Airport situation unresolved
FAIRMONT – There’s a difference of opinions about Fairmont airport’s manager.
No one at the City Council meeting Monday was in favor of retaining Five Lakes Aviation (owned by Al Pelzer) to manage the airport, but since the city is not yet a year into a five-year contract, opinions varied on how and when to terminate the arrangement.
Back in April, the council gave 45 days for Five Lakes Aviation to address 11 specific areas of concern, including adhering to business hours, offering a flight training school, getting written work orders to city administration in a timely manner, and removing non-aviation materials from the airport.
Since then, Five Lakes Aviation has retained a lawyer, Steven Sunde of St. James, who met with City Attorney Elizabeth Bloomquist and City Administrator Mike Humpal on May 8 to discuss the city’s concerns. At that time, city staff talked about reaching a mutually agreeable end to the current contract. The next day, Five Lakes Aviation expressed interest in a “buyout,” to which the city clarified that the council did not want to make a financial settlement to terminate the contract.
City staff did suggest terminating the contract on Sept. 30, which would be the end of the first year of the five-year contract. Five Lakes Aviation has not yet responded.
According to Humpal, as of June 6, progress has been made on the list of concerns, but work remains. Humpal reported that cleanup has begun but isn’t nearly complete; marketing or development of a flight school has not begun; and no work orders have been turned in.
According to documentation provided by Five Lakes Aviation, all 11 issues have been addressed.
“Going through all these, I see a lot of smoke and mirrors,” Councilman Terry Anderson said Monday.
In his opinion, the city gave the airport manager plenty of time to make the necessary improvements, but he failed. By waiting until September to terminate the contract, Anderson believes the city will lose valuable time over the summer.
“I think they’re a detriment to the airport,” he said. “… Let them have their pay and allow us to start doing business with someone else.”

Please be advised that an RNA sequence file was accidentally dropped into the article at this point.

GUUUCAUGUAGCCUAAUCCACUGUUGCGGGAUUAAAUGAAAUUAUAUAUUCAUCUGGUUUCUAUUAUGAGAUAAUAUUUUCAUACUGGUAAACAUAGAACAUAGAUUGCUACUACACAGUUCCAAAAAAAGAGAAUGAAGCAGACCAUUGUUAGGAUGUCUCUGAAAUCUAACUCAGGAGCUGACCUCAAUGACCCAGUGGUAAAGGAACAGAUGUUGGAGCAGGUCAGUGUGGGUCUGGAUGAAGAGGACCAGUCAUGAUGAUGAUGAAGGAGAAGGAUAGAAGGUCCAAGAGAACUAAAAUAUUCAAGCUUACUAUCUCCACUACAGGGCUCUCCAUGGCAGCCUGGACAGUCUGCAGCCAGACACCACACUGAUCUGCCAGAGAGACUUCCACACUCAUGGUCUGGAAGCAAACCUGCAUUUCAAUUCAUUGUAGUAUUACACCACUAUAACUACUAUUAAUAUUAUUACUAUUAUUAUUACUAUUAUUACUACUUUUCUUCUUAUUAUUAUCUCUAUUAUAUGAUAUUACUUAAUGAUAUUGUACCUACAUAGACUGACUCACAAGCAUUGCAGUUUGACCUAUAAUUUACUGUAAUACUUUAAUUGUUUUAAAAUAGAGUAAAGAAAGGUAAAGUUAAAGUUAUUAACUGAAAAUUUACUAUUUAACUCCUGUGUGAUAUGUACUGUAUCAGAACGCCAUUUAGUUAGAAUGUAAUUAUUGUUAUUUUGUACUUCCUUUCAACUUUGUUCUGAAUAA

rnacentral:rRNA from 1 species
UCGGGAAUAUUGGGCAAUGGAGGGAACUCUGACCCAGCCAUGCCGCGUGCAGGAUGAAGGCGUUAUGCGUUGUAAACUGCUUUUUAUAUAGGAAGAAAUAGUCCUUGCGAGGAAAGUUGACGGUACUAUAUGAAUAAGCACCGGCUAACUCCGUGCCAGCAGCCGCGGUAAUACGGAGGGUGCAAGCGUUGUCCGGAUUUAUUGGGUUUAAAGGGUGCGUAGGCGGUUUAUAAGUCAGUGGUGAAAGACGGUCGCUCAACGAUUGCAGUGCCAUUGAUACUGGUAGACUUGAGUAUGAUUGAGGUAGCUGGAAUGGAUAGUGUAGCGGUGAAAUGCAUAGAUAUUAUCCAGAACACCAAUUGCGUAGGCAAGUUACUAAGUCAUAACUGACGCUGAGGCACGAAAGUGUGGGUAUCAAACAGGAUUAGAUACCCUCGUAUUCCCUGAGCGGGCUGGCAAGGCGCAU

The rest of the council was in favor of waiting to give the airport advisory board the opportunity to look into the matter. The board meets today, so the council will have its feedback at its next meeting on June 24.
“I’d feel more comfortable hearing their recommendation,” said Councilman Joe Kallemeyn.
As city attorney, Bloomquist encouraged the council to seek a mutual agreement: “That way everybody gets what they want … without going to court. If we can’t get there cooperatively, we can get there the other way.”
Another downside to terminating the contract immediately, she pointed out, would be the immediate need to find a replacement for Five Lakes Aviation.
Anderson said he knows of qualified pilots who are willing to step forward and manage the airport on an interim basis, while the hiring process is under way.
In other business Monday, city staff recommended again that the council not allow drag races at the airport, based on the negative response from the Minnesota Department of Transportation. Under its agreement for state funding, the airport is only to be used for aviation-related purposes.
Fairmont’s public works director, Troy Nemmers, also spoke with management in Spencer, Iowa, where drag races are held at the airport. Iowa’s Department of Transportation does not seem to be as strict as MnDOT, and Spencer’s airport is laid out in such a way that races can be held without interrupting operations.
The council directed staff to turn its research over to the car club, if the organization is interesting in pleading for its cause to federal and state regulators.
The council also took action Monday on the following items:
o Purchasing an outdoor siren system for $121,090. The new system is expected to be louder, so it will have a greater range for alerting residents of weather emergencies.
o Fixing Citizen Park’s community clock, which does not work. The council agreed to pay about $2,070 to fix it, with residents Don and Sue Anderson and other donors pitching in $3,225. The total for replacing the timepiece with a digital system is $5,295.
o Authorizing the American Legion to dispense liquor in the area of First Street and Downtown Plaza during Interlaken Heritage Days. Wrist bands will be required to identify people 21 and older, but no orange fencing will be required as in year’s past.
o Approved two solicitors licenses for Insulation USA and Tanel Kobrusepp, which sells educational books.
o Approved purchasing iPads for the City Council at a cost of $2,900, which includes software and cases. By switching to digital agendas, the iPads will save the city money on paper, as well as staff time. Annually, the city spends about $2,500 on paper for agendas.
Anderson voted against the iPads. He plans to use his laptop, since he does not want city staff to have ready access to his correspondence with citizens. According to the iPad agreement the council is required to sign, city staff can access that information at any time. The same is true now of the council’s communications, which is considered public information.
o Awarded a contract for resurfacing portions of Cardinal Street, Cedar Park Road, Roland Avenue and Southwood Drive. The low bidder was M.R. Paving & Excavating, Inc., out of New Ulm with $536,935.